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Microwave Detection of Stress-Induced Fatigue Cracks in Steel and Potential for Crack Opening Determination



N Qaddoumi, E Ranu, Joseph D. McColskey, R Mirshahi, R Zoughi


Fatigue crack detection in metals is an important practical issure in many industries. In this paper the results of an investigation, using the dominat mode approach, employing flange-mounted open-ended rectangular waveguides at several microwave frequencies are presented. The goal of this investigation has been to demonstrate the capability of this approach for detecting stressinduced cracks under various static loads. In addition, a correlation between the features of the measured crack characteristic signals and crack opening has been sought. The results show that at all of the investigated frequencies, cracks from being nearly closed to having openings of up to 0.0508 mm are effectively detected. Futhermore, it is found that the interaction of the flange edge with a crack results in features that can be used to significantly enhance crack detection robustness (i.e. increased probability of detection). Several features associated with these measured crack characteristic signals are shown to lineraly correlate with crack opening. Such simple correlations may then be used to closely estimate a crack opening after it has been detected using this approach. A complete discussion of the results is also provided in this paper.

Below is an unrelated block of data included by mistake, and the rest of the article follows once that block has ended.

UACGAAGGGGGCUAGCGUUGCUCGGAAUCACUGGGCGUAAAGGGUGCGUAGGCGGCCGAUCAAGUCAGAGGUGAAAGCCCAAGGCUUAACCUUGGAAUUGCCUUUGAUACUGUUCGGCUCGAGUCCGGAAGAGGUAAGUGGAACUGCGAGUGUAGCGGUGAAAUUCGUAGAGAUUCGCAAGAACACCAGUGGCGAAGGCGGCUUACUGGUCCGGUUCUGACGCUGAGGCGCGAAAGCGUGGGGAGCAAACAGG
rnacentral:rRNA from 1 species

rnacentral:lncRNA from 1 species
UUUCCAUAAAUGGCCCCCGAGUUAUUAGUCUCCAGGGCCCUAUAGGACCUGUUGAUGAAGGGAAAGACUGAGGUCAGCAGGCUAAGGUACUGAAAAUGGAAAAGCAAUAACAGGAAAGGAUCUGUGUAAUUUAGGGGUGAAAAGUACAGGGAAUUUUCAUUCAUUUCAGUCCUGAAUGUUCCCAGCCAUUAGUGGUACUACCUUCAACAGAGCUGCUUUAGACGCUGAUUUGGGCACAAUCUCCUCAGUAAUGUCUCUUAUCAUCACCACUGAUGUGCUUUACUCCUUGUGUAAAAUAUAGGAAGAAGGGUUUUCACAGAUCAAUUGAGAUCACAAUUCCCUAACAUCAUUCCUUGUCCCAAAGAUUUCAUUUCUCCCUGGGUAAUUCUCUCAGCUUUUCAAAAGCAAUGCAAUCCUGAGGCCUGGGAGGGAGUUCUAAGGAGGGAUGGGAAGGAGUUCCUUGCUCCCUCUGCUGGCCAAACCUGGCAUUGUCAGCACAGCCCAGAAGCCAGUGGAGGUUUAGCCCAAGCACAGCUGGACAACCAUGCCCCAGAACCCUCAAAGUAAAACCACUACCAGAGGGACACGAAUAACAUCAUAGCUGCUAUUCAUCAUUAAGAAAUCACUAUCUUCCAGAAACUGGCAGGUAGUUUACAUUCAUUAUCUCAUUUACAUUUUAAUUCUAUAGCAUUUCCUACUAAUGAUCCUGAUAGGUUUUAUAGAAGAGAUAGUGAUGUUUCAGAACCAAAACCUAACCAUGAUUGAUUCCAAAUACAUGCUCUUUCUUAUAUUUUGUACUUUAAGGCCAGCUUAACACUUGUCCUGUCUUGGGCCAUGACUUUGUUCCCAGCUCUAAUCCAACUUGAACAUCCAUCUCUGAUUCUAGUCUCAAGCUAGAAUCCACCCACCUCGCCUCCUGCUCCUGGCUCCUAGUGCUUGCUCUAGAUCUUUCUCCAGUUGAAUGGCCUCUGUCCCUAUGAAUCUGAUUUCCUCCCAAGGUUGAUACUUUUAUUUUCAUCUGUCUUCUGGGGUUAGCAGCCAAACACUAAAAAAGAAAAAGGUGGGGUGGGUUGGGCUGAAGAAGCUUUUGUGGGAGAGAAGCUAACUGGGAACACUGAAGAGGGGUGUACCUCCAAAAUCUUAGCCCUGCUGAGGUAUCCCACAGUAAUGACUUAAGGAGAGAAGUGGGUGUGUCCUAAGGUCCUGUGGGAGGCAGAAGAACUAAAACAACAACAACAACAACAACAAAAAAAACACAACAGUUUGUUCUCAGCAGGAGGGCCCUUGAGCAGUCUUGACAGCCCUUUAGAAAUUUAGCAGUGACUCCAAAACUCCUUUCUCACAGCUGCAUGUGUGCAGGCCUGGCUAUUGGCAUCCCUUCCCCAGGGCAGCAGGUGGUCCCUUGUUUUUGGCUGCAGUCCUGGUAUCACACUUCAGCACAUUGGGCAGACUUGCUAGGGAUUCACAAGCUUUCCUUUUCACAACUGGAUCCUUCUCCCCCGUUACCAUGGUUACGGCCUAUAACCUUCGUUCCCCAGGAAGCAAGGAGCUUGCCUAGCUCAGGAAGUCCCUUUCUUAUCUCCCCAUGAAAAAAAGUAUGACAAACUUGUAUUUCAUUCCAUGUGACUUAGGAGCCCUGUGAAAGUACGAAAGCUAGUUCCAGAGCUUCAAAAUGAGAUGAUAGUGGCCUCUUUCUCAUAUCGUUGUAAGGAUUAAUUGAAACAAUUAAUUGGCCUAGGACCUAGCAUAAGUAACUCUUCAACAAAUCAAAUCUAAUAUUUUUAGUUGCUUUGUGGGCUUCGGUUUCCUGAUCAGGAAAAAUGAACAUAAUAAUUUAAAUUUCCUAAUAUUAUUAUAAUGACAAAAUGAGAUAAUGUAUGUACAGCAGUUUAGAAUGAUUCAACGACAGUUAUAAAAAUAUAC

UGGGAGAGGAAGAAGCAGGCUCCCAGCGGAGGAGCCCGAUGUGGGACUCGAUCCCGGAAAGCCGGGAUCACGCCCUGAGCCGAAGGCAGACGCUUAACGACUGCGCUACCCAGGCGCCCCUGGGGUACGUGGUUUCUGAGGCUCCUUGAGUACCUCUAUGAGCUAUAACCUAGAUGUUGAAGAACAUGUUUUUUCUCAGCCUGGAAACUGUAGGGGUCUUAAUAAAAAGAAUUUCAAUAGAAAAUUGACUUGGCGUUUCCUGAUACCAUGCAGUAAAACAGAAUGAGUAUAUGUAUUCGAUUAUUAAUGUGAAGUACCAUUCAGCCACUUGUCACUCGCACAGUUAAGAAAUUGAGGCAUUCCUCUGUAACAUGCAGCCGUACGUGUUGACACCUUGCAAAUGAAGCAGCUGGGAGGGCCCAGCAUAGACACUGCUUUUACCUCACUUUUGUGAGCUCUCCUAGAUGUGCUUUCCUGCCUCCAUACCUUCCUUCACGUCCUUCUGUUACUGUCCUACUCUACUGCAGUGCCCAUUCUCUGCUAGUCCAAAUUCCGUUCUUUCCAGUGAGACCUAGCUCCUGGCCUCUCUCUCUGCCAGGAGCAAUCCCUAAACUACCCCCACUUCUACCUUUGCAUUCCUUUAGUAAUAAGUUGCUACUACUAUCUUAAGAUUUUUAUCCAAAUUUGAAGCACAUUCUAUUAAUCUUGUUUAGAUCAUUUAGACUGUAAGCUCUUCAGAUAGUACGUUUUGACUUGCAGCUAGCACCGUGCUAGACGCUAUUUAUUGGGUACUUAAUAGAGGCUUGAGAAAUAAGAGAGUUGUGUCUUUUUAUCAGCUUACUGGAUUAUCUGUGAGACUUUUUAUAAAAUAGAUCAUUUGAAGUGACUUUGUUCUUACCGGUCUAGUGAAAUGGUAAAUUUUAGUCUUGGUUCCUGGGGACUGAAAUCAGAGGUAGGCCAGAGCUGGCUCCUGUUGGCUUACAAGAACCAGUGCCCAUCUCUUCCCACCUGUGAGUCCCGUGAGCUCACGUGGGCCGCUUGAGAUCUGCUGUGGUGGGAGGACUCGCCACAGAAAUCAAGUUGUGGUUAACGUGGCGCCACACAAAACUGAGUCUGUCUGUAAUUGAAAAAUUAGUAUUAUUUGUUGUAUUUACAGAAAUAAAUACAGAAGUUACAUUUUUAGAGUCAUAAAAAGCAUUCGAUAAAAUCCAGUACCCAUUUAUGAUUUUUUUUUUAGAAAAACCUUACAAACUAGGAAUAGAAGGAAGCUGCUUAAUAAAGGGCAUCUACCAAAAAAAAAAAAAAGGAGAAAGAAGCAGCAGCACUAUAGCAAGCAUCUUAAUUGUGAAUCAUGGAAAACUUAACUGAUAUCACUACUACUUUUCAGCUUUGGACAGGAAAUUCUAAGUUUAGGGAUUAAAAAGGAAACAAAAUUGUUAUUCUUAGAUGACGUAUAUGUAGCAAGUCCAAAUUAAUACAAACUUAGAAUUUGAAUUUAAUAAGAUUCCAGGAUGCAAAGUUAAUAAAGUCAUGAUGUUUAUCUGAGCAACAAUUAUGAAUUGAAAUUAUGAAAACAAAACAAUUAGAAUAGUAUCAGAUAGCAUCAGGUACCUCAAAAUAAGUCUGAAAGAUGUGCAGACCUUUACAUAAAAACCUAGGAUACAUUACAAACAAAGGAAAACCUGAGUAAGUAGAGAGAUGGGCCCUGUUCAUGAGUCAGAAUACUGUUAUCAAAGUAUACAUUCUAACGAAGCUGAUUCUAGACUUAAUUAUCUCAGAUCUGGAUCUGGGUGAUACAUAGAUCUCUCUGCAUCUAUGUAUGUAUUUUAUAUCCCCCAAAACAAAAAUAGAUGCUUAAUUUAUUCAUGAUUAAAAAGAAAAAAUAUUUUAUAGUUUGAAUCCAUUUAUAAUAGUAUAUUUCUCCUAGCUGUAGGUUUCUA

Research in Nondestructive Evaluation
No. 2


crack opening, fatigue cracks, microwave techniques, open-ended rectangular waveguides


Qaddoumi, N. , Ranu, E. , McColskey, J. , Mirshahi, R. and Zoughi, R. (2000), Microwave Detection of Stress-Induced Fatigue Cracks in Steel and Potential for Crack Opening Determination, Research in Nondestructive Evaluation (Accessed May 29, 2024)


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Created May 31, 2000, Updated October 12, 2021